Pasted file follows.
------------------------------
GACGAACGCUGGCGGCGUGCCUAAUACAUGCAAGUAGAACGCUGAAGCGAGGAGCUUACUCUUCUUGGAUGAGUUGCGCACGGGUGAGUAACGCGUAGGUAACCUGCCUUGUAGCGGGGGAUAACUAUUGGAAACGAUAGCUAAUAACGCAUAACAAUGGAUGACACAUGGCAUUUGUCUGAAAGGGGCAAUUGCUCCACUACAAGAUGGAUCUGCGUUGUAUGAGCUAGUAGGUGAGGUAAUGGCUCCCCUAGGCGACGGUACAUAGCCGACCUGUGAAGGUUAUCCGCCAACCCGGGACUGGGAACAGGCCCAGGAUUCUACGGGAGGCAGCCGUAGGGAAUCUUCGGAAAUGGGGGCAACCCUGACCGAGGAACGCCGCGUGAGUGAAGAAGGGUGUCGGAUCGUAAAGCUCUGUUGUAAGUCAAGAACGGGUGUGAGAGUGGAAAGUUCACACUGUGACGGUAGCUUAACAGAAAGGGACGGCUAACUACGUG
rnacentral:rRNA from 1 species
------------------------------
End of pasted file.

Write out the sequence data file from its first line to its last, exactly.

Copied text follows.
GACGAACGCUGGCGGCGUGCCUAAUACAUGCAAGUAGAACGCUGAAGCGAGGAGCUUACUCUUCUUGGAUGAGUUGCGCACGGGUGAGUAACGCGUAGGUAACCUGCCUUGUAGCGGGGGAUAACUAUUGGAAACGAUAGCUAAUAACGCAUAACAAUGGAUGACACAUGGCAUUUGUCUGAAAGGGGCAAUUGCUCCACUACAAGAUGGAUCUGCGUUGUAUGAGCUAGUAGGUGAGGUAAUGGCUCCCCUAGGCGACGGUACAUAGCCGACCUGUGAAGGUUAUCCGCCAACCCGGGACUGGGAACAGGCCCAGGAUUCUACGGGAGGCAGCCGUAGGGAAUCUUCGGAAAUGGGGGCAACCCUGACCGAGGAACGCCGCGUGAGUGAAGAAGGGUGUCGGAUCGUAAAGCUCUGUUGUAAGUCAAGAACGGGUGUGAGAGUGGAAAGUUCACACUGUGACGGUAGCUUAACAGAAAGGGACGGCUAACUACGUG
rnacentral:rRNA from 1 species